— Mary Ellen


“I was raped on Sept 27 1972 by a [city name redacted] police officer. I was 24 and in his home with my friend his wife. I later found out he came home hours earlier than planned and talked her into allowing me to sleep and he would take me to work in the morning. I was sound asleep and woke to my arms being pulled up over my head and my knees being pushed apart. I was 5'4" and weighed 135 he was 6'2" and weighed 250. I was pinned and unable to free myself. I did not turn him in, there was no place to go. His uncle was retiring after 25 years as the county sheriff and I knew the system would simply rape me again. Much healing has been done since that time but it never goes away. Thank you for this opportunity.”

— Kate


"I grew up in a large city in the southwestern United States. When I was fourteen I went to the state fair with a group of friends. After eating a bunch of fried things my mother would never have allowed, and gushing over the prize rabbits and goats, my group really wanted to go on this towering ride that looked treacherous to me. I told them that they should go ahead and ride it, and I would just go to the bathroom.

After waiting behind what seemed thousands of sweaty fair patrons, I finally entered a blue portable toilet. I remember absentmindedly thinking ‘this smells foul’, before latching the door a man grabbed the frame of the door and pushed himself through.

I didn't really have time to think or react, he latched the door, flipped open a four inch pocket knife and started shredding my high school choir polo. ‘If you scream, i'll slit your throat and you'll bleed out into this toilet before anyone ever finds you’ he growled. I shook as his slowly shredded all of my clothes, the polka dot training bra my mom made me wear, he even took off my socks and purple Chuck Taylors and threw them in the toilet.

He took his time, making sure that I was absolutely terrified. I just kept my eyes closed. He made a few small cuts on my body, just enough to scare me. One clean one on my cheek, one on my forearm, and one on my lower abdomen.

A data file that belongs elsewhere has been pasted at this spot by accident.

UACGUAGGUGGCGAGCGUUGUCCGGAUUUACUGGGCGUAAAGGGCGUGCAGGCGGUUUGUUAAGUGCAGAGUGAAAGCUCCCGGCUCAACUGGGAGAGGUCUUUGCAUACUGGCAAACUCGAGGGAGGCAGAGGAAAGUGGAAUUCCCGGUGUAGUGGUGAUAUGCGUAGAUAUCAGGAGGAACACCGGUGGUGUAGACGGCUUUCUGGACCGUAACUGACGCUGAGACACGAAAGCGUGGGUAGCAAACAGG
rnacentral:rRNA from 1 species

Later I would remember, in too much detail, the various details of his body. The insignia that the prosecutor would link him to a gang, and the facial features I would see in a line up. At the time I was just terrified, my mind was racing, my eyes were closed.

Then he raped me. Another unfortunate detail is that he wasn't successful at first and kept roughly moving my body, pushing me up against the wall of the that portable toilet.

After awhile it was over, and he threw most of my ripped bloody clothes in the toilet. I would find out later that he took some as proof of his actions, for his gang. I didn't notice that then. For a long time I'm sure I just sat in there crying. After awhile i started to use toilet paper to wipe the blood off of my cuts. I was bleeding elsewhere too, but I didn't even want to register what had happened there.

This was before cell phones, and I had no idea who I would have called anyway. People kept knocking on the door, and eventually some state fair worker had an outside key. I tried to hold the door closed, but he pulled it open enough for himself and the people waiting to use the toilets. He said ‘oh god’ and shut it immediately. I couldn't hear much from in there, but it wasn't long before a female police officer came in the porta potty with a oversized police department tshirt.